A favorite medicine among native Americans.  Cherokee rubbed the plant’s juice on skin to cure cancer.  Also used to remedy tooth aches and gonorrhea.  Winnebago cut a 2.5” long root to clear stomach and steeped leaves for a baby’s colic. According to Breck (1851), “One of the most elegant species peculiar to the United States.”

  • Euphorbia myrsinites Donkeytail spurge Z 5-8

    Chartreuse umbels at stem tips contrast succulent blue-gray foliage in early spring

    $12.75/bareroot

    Buy

    Chartreuse umbels at stem tips contrast succulent blue-gray foliage in early spring

    Can not ship to: Colorado.

    Size: 4” x 12”
    Care: Sun in well-drained soil, drought resistant
    Native: Western Asia
    Awards: England’s Royal Horticultural Society Award of Garden Merit.

    Euphorbia was named for Euphorbus, physician of Numibian King Juba, father of Ptolemy (c. 50 B.C. – 20 A.D.)  Reputedly Euphorbus used spurge to remedy the King’s enlarged stomach.   Euphorbus’ brother was Augustus Caesar’s physician.  Myrsinites is a Greek word meaning “resembling myrtle.”  This plant described by Swiss botanical scholar Conrad Gesner in his book Horti Germaniae published in 1541.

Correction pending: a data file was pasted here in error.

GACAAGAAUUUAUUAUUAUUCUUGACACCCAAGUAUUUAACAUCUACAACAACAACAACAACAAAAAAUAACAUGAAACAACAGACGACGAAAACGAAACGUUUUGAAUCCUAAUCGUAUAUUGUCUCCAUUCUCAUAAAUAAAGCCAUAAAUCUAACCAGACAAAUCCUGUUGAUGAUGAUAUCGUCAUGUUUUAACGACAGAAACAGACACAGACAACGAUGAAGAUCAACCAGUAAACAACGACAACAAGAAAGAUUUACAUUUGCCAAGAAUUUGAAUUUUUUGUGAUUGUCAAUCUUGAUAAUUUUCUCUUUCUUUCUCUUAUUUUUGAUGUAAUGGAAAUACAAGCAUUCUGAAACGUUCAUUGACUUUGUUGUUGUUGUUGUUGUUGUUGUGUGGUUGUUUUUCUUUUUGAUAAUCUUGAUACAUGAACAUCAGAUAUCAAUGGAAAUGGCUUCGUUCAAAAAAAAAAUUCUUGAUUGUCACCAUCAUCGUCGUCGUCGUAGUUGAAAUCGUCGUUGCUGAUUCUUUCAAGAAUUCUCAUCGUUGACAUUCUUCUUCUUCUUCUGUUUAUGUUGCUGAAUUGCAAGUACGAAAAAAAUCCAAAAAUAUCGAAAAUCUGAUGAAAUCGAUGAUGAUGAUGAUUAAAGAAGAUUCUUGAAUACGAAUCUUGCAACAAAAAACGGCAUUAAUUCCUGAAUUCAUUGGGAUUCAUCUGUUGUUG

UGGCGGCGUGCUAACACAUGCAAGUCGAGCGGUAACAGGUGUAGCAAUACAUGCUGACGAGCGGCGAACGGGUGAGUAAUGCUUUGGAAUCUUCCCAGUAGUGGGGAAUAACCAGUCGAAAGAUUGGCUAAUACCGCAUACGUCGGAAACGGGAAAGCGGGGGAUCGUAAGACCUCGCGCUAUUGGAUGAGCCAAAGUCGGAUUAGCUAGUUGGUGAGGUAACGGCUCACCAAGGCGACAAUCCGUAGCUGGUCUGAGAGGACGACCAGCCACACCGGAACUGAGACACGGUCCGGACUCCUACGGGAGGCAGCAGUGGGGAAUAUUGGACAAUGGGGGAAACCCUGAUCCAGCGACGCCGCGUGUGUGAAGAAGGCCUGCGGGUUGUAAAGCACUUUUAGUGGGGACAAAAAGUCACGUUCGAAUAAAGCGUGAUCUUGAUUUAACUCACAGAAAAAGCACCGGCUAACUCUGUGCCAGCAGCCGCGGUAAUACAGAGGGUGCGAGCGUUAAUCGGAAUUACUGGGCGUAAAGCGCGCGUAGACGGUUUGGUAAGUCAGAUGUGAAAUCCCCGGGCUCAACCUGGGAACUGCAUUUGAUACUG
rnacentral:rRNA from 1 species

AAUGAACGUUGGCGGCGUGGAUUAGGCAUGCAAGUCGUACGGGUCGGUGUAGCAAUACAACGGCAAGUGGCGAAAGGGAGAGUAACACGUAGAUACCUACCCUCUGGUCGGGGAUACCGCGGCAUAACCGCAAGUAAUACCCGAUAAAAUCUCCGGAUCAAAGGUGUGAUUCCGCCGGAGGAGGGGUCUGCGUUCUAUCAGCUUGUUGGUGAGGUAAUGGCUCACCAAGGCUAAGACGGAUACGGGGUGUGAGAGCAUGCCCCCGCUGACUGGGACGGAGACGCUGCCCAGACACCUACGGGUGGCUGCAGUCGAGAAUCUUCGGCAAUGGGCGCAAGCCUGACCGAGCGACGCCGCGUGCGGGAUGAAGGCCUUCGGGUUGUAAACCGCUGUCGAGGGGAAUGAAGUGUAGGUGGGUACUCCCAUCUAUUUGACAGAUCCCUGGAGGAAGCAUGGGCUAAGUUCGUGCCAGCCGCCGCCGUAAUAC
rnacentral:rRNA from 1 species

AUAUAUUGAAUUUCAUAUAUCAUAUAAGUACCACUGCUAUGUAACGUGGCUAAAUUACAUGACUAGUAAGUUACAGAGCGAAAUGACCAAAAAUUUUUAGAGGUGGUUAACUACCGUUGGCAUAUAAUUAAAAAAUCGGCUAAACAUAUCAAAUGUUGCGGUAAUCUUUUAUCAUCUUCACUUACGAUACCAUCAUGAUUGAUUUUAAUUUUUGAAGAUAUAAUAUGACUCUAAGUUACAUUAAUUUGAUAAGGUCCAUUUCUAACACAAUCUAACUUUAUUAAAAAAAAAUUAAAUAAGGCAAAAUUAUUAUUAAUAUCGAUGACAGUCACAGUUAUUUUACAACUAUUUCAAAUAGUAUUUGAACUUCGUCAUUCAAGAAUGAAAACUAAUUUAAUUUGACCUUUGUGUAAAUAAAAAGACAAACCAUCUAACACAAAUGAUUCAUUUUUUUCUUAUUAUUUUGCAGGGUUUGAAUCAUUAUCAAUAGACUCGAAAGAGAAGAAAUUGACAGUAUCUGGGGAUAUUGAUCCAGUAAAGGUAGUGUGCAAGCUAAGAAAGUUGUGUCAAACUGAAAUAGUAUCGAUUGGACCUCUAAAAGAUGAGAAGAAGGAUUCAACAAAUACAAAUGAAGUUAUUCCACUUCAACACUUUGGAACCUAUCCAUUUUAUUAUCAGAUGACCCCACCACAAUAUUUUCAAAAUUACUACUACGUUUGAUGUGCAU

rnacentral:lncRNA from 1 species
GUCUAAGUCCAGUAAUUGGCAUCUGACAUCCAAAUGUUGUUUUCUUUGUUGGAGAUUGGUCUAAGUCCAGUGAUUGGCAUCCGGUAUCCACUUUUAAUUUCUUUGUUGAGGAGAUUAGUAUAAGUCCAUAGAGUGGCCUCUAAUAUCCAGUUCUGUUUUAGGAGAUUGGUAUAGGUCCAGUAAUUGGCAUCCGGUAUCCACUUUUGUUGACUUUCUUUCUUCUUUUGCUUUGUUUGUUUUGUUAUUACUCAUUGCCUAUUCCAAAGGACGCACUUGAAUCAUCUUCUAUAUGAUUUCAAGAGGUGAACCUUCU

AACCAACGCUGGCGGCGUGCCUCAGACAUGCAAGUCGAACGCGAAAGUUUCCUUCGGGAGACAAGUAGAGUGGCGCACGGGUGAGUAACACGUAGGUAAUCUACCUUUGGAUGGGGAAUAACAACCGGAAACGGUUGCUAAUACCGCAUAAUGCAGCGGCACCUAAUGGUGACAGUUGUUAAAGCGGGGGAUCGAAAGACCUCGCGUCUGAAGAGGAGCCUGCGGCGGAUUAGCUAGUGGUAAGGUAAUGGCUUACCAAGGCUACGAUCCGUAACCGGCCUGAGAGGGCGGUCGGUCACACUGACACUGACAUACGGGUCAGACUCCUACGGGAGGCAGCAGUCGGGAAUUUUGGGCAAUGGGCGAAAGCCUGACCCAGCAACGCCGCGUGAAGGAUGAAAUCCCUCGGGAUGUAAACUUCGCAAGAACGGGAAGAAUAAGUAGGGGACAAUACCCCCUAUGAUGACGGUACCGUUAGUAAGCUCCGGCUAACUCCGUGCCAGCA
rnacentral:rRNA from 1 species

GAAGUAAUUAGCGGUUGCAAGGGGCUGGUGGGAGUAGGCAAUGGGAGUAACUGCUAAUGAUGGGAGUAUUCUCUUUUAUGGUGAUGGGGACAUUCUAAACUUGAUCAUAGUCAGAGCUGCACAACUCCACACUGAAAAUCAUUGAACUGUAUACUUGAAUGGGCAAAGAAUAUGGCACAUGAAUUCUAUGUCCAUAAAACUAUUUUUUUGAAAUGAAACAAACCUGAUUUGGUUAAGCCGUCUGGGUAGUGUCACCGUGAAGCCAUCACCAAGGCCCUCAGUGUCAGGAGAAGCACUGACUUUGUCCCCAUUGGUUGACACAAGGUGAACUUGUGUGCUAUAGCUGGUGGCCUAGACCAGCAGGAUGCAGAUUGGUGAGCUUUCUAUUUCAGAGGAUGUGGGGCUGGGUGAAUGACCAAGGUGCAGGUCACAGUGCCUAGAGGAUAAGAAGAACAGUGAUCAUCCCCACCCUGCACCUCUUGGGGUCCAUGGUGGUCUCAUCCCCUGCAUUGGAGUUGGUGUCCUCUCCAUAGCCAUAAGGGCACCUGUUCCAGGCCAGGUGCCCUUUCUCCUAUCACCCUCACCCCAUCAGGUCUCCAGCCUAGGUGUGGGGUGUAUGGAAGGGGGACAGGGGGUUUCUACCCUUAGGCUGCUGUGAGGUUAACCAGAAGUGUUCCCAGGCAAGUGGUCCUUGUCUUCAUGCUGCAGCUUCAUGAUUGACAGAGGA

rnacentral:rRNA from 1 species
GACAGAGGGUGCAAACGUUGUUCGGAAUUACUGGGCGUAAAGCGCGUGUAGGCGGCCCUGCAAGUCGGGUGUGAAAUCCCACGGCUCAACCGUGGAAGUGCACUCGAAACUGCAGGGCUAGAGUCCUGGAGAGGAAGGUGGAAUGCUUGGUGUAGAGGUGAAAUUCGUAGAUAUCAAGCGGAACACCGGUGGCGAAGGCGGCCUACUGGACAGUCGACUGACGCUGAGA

• Euphorbia polychroma Cushion spurge syn. Euphorbia epithymoides Z 4-9

    May - June flashy chartreuse flowers.  In fall foliage turns orangey-red.

    $12.95/bareroot

    Buy

    May – June flashy chartreuse flowers.  In fall foliage turns orangey-red.

    Size: 16" x 24"
    Care: Sun, moist well-drained humusy soil. Drought tolerant.
    Native: Central and Southern Europe
    Awards: England's Royal Horticultural Society Award of Garden Merit.

    Polychroma means many colors referring to the fact that the plant changes colors with yellow-chartreuse flowers in spring and red foliage in fall. Named and described by Swedish botanist Linnaeus 1753.

  • Fibigia clypeata Roman shields Z 5-7

    Yellow spring flowers – early summer, followed by small, oval “silver dollars.”

    $10.25/bareroot

    Buy

    Yellow spring flowers – early summer, followed by small, oval “silver dollars” on erect stems. 

    Size: 18” x 12-15”
    Care: sun well-drained soil Self-seeds freely
    Native: Southern Europe
    Wildlife Value: source of nectar and pollen for bees and other insects
    Size: Used for their ornamental seed pods. Harvest either when 1st form for fuzzy grey-green color or when mature with outer skin removed for translucent, silver shield

    In gardens before 1753.

     

  • Filipendula rubra Queen of the Prairie Z 3-9

    Extraordinary frothy pink plumes, like cotton candy, blooming in midsummer

    $12.95/bareroot

    Buy

    Extraordinary frothy pink plumes, like cotton candy, blooming in midsummer

    Size: 4-6’ x 4-5'
    Care: sun to part shade in moist well-drained to moist soil
    Native: US East coast west to MN s to MO and NC, Wisconsin native
    Wildlife Value: This creates pollen but not nectar limiting the pollinators to bees and flies (Butterflies and wasps want nectar.).

    Meskwaki Indians used it for heart ailments and as an aphrodisiac. Although the plant’s name has been changed five times, this was 1st described in 1768.